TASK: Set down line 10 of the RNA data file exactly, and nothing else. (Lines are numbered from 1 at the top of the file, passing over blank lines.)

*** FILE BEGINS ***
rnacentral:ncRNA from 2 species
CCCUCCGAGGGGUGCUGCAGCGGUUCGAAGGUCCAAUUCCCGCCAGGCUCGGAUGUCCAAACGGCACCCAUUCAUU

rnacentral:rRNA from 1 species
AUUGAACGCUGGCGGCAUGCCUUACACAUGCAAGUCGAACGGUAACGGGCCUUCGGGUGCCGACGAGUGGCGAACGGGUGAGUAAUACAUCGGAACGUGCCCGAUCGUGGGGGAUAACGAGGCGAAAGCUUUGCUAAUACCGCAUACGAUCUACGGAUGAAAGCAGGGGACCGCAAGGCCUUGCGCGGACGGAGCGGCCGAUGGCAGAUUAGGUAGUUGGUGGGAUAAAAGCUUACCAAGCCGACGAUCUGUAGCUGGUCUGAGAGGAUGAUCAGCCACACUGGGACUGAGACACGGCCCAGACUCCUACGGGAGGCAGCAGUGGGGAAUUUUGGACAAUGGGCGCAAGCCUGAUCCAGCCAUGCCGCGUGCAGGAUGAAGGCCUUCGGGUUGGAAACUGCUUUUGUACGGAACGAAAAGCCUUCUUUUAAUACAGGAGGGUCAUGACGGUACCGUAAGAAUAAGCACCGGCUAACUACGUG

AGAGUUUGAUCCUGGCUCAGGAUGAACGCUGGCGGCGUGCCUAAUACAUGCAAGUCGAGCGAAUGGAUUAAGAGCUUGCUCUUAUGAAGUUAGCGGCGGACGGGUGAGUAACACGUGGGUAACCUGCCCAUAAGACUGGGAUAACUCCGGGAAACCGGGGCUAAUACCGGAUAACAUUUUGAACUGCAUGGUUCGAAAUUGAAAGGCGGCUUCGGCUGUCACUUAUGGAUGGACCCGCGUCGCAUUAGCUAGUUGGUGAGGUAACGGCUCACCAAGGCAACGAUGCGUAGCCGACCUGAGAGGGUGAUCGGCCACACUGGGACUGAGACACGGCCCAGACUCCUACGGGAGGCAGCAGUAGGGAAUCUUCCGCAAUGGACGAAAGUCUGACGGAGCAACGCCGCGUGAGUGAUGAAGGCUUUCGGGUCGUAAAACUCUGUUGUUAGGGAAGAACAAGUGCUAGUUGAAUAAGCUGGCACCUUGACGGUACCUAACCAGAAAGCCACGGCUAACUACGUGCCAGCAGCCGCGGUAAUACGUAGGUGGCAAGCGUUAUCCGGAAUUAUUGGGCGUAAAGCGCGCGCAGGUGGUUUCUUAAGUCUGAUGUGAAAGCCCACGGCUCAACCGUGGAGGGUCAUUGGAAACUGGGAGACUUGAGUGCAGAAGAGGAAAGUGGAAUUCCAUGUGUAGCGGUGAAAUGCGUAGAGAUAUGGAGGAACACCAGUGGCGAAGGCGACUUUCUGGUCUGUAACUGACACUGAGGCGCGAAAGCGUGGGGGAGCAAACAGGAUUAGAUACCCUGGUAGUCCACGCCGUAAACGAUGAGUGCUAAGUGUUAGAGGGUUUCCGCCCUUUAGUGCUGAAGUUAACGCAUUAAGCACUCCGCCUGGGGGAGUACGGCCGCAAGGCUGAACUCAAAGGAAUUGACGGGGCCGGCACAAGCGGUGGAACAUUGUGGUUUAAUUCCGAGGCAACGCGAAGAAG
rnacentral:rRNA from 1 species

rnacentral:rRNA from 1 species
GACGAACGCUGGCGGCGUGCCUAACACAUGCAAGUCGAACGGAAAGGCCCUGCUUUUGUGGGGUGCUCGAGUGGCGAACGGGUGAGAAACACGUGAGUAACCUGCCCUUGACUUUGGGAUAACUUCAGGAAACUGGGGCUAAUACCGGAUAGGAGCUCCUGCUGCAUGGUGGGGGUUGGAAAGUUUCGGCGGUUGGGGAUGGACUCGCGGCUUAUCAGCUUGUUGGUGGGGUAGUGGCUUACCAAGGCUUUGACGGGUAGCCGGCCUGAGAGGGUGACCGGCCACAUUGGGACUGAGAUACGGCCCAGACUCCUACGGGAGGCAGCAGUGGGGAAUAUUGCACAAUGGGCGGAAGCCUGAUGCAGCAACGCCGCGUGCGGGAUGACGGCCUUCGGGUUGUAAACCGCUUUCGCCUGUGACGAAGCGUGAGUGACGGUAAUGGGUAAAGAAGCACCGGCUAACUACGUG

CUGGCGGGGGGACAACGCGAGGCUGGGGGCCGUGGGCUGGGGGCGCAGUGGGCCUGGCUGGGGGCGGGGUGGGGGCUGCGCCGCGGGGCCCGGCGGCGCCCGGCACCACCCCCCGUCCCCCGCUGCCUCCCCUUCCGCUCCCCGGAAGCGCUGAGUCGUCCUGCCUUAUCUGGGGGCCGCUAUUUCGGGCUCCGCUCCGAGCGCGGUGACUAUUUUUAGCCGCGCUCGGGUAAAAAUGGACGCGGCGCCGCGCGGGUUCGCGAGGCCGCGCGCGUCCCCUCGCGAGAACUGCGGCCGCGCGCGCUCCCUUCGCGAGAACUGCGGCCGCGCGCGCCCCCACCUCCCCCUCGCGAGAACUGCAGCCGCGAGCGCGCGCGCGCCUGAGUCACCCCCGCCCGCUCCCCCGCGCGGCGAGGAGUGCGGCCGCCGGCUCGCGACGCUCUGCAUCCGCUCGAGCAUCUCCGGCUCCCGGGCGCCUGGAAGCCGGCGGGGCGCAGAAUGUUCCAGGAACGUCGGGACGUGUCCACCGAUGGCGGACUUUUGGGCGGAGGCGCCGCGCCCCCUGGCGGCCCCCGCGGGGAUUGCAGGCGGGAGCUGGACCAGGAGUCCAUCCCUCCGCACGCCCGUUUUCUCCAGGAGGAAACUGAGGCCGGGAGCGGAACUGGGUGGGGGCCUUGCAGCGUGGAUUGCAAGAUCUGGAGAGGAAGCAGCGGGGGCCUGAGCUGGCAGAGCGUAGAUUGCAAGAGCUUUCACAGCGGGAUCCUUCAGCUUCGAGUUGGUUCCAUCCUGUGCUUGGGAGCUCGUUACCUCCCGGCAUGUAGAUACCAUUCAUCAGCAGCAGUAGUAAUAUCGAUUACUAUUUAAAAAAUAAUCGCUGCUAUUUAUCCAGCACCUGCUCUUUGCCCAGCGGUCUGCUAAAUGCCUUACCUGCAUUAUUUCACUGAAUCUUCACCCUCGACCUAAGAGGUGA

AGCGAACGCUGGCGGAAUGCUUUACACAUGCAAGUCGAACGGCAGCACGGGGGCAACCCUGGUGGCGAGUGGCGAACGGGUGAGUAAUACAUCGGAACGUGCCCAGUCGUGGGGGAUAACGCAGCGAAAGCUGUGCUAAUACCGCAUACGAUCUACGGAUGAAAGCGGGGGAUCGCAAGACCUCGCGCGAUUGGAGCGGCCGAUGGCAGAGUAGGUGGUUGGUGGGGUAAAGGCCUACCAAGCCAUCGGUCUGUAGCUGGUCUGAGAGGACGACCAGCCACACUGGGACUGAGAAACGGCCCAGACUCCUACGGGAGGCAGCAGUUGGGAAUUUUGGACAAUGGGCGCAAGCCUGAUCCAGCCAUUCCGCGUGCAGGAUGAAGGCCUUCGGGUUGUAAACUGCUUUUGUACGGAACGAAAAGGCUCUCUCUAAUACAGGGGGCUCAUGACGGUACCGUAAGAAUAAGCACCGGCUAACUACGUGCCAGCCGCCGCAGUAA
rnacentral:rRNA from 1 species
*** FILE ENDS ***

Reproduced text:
AGCGAACGCUGGCGGAAUGCUUUACACAUGCAAGUCGAACGGCAGCACGGGGGCAACCCUGGUGGCGAGUGGCGAACGGGUGAGUAAUACAUCGGAACGUGCCCAGUCGUGGGGGAUAACGCAGCGAAAGCUGUGCUAAUACCGCAUACGAUCUACGGAUGAAAGCGGGGGAUCGCAAGACCUCGCGCGAUUGGAGCGGCCGAUGGCAGAGUAGGUGGUUGGUGGGGUAAAGGCCUACCAAGCCAUCGGUCUGUAGCUGGUCUGAGAGGACGACCAGCCACACUGGGACUGAGAAACGGCCCAGACUCCUACGGGAGGCAGCAGUUGGGAAUUUUGGACAAUGGGCGCAAGCCUGAUCCAGCCAUUCCGCGUGCAGGAUGAAGGCCUUCGGGUUGUAAACUGCUUUUGUACGGAACGAAAAGGCUCUCUCUAAUACAGGGGGCUCAUGACGGUACCGUAAGAAUAAGCACCGGCUAACUACGUGCCAGCCGCCGCAGUAA